Montefiore left the meeting not reassured. “I would beg of you,”14 he reiterated to Milner the following day in a letter, “to trust your own fellow citizens who, at all events, are Englishmen through and through, and whose sons are serving in England’s armies, rather than foreigners who have no love for England, and who, if the fortunes of war went wrong, would throw her over in a trice and hurry over to Berlin to join the majority of their colleagues.” It was the chauvinist card yet again, but Milner did not mind. Montefiore “is an able, temperate15 and most honest man,” he wrote to Robert Cecil, “and when he begged me almost passionately to be very careful how we commit ourselves to Sokoloff or Weizmann I am sure that he does so from an honest conviction that they are not reliable guides.” But Milner too leaned toward the Zionists. Five months previously he had read Herbert Samuel’s Zionist memorandum and wrote to him: “Among the possible16 alternatives which you review, the one which you yourself favor certainly appears to me the most attractive.”

Three days later Wolf received a report of Chaim Weizmann’s most recent address to a Zionist conference in London. “I am entitled17 to state in this assembly,” Weizmann had announced, “that His Majesty’s Government is ready to support our plans.” This repetition of Sokolow’s claims in Paris reinforced Wolf’s conclusion that Zionism stood upon the verge of a great triumph. Only desperate measures could now rescue the position of the Conjoint Committee; the advocates of Jewish assimilation now must stake all or lose all.

On Tuesday, May 17, Wolf, Alexander, and Montefiore presided over a meeting of the Conjoint Committee to discuss the situation. The group decided “to issue a public18 statement of their attitude on the Zionist question.” They drew it up “there and then … and approved [it] with only two dissentients.” The statement hammered “the Zionist theory19 which regards all the Jewish communities of the world as constituting one homeless nationality, incapable of complete social and political identification with the nations among whom they dwell.” It condemned the Zionist proposal “to invest the Jewish settlers in Palestine with certain special rights in excess of those enjoyed by the rest of the population, these rights to be embodied in a Charter, and administered by a Jewish Chartered Company.” They further resolved to publish the statement not only in the Jewish press but in The Times. Those members of the Conjoint Committee, Wolf foremost among them, who claimed that the statement was couched in conciliatory language, were either fooling themselves or attempting to fool others.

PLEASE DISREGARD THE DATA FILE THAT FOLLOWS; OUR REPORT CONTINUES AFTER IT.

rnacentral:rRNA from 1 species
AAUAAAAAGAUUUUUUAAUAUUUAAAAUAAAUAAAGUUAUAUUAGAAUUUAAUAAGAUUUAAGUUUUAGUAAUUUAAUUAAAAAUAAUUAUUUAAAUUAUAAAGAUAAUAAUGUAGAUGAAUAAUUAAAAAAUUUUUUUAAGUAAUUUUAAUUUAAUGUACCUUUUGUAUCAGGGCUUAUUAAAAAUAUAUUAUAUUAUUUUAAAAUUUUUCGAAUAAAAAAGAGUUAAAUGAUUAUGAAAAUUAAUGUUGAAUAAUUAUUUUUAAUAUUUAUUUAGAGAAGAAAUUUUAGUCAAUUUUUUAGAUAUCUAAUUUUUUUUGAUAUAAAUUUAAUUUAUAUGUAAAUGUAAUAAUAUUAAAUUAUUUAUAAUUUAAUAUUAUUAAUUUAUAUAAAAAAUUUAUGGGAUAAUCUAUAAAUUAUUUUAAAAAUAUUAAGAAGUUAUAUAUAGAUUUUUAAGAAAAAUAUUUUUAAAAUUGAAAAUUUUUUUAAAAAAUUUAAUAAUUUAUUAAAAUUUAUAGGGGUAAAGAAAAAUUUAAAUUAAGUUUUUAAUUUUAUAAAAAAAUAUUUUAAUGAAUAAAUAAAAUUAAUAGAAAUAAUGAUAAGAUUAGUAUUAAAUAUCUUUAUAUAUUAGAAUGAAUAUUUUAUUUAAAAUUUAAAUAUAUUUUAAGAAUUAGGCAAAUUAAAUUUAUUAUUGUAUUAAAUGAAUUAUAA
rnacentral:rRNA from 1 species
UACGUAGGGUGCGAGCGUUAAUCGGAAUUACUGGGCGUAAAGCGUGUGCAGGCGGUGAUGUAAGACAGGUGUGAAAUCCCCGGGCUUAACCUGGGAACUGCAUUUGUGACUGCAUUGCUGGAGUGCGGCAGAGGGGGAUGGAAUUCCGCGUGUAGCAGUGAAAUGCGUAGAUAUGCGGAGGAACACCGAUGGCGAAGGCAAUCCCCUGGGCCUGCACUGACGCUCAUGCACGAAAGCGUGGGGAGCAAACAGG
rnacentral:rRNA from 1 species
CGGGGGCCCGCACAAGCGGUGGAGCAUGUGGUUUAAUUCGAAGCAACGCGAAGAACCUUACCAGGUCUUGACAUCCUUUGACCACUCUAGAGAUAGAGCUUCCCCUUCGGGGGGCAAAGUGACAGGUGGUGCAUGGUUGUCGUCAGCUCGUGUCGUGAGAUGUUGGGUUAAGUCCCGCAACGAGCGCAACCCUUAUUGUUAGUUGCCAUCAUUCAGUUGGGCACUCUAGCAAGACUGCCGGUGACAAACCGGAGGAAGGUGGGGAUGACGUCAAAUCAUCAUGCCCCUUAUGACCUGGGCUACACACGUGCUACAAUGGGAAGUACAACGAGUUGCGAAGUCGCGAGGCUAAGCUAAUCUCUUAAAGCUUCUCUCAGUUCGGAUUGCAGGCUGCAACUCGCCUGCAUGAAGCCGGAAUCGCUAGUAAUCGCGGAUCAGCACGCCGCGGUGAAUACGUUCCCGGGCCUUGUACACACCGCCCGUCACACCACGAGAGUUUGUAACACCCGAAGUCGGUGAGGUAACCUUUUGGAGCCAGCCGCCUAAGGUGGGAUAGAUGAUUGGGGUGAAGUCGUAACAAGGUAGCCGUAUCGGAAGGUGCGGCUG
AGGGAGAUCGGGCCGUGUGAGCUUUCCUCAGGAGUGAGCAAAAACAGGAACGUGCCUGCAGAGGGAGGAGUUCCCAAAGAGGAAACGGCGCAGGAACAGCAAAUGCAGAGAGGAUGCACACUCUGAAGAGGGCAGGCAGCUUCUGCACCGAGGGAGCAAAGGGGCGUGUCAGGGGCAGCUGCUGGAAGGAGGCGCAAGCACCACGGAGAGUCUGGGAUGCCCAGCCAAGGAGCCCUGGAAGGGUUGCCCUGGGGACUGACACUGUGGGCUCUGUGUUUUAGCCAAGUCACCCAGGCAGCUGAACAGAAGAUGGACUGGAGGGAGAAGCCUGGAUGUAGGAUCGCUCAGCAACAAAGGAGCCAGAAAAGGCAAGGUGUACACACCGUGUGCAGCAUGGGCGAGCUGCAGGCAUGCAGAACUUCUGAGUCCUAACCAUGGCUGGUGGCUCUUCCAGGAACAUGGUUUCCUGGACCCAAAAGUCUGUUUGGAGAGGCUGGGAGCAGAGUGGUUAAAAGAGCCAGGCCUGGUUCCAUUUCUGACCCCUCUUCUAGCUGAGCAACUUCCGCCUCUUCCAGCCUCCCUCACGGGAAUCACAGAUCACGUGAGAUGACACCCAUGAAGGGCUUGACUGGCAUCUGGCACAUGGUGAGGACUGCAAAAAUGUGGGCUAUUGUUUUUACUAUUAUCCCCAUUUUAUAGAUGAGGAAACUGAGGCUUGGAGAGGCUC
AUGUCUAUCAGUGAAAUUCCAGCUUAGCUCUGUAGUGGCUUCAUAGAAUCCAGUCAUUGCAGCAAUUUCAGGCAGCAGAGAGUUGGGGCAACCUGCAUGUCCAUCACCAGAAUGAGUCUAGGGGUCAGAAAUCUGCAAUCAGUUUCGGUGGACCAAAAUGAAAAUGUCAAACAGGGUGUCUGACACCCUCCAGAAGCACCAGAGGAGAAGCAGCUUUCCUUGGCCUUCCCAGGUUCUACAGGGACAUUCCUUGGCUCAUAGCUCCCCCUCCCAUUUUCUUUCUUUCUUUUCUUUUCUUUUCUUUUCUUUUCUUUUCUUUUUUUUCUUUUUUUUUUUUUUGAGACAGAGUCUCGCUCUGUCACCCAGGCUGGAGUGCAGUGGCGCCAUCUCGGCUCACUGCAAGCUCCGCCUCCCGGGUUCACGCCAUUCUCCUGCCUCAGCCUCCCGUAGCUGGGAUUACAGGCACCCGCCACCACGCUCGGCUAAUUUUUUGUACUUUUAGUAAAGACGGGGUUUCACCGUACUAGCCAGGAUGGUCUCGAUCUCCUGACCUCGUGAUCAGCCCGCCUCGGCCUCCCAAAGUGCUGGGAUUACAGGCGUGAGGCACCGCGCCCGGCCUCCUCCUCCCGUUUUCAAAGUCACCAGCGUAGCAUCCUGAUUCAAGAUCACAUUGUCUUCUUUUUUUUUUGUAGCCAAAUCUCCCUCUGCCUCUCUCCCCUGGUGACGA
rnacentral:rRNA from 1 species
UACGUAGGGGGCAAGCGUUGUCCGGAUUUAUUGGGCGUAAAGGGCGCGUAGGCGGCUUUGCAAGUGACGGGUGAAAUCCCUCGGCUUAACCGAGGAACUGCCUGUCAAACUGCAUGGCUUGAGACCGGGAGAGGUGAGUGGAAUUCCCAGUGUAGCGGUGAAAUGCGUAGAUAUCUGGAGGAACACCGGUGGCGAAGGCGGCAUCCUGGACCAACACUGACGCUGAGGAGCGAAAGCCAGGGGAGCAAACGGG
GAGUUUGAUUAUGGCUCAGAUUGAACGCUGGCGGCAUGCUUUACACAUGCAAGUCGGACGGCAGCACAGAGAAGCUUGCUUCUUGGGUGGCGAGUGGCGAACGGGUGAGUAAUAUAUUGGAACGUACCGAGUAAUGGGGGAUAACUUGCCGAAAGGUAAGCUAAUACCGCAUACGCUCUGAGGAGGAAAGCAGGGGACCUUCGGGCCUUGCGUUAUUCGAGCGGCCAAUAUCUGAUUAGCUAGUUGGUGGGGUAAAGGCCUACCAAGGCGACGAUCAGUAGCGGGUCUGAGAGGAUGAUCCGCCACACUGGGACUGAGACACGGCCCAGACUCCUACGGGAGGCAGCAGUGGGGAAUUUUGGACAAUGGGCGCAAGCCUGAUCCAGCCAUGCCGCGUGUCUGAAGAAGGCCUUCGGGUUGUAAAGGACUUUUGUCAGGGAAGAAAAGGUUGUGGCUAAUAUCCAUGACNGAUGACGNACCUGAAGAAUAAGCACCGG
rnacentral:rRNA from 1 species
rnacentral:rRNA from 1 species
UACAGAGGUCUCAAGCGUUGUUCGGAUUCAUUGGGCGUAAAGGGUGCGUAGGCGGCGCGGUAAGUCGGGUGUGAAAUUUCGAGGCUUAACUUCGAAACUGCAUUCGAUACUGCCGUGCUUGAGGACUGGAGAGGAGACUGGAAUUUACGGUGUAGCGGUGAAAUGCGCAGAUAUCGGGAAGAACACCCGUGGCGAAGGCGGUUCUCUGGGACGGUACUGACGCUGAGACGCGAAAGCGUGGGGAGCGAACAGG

Wolf left the meeting accompanied by Joseph H. Hertz, Britain’s chief rabbi, who had attended by special invitation and had cast one of the two dissenting votes. The two men stood outside the Regent’s Park tube station. As Wolf wrote afterward, Dr. Hertz reiterated “his regret at20 the action that had been resolved upon. He asked me whether anything could be done to stop it. I said … if Dr. Weizmann and Dr. Gaster could be induced to modify or otherwise explain away their published statements obviously there would be no longer any need for the action resolved upon.” Hertz reported that Wolf went further: “‘And you would render21 a great service to the community’ he told me, ‘if you could induce them to do so.’” Acting upon this advice (although Wolf denied that he ever gave it), the chief rabbi contacted Leopold Greenberg, editor of The Jewish Chronicle, “because he was the only man who could bring pressure to bear upon the Zionist leaders.” Alarmed, Greenberg got in touch with Wolf.

On Tuesday evening, May 22, the Zionist editor and the Jewish “foreign secretary” met for nearly three hours at Wolf’s home. Over the course22 of a wide-ranging discussion, Greenberg argued that the quarrel between Zionists and anti-Zionists concerned the Anglo-Jewish community primarily and should not be aired outside it. Wolf replied that Zionists had published outside the Jewish press and that the Conjoint Committee, in defending itself, reserved the right to publish where it would. In fact, Wolf and his colleagues had just decided to give their statement to The Times; it was published there on Thursday, May 24. But Alexander refused23 to publish the statement in The Jewish Chronicle without Montefiore’s explicit assent, and Wolf could not reach Montefiore on Wednesday the twenty-third, so it was too late for the statement to appear there since the Chronicle published on Fridays. That The Jewish Chronicle did not publish the statement, but The Times did, made a bad impression on the Jewish community as a whole and alienated Greenberg further, if that were possible. Nor can it have pleased Sir Robert Cecil, who had warned against a public dispute. That Wolf threw down the gauntlet anyway must be an index of his increasing alarm.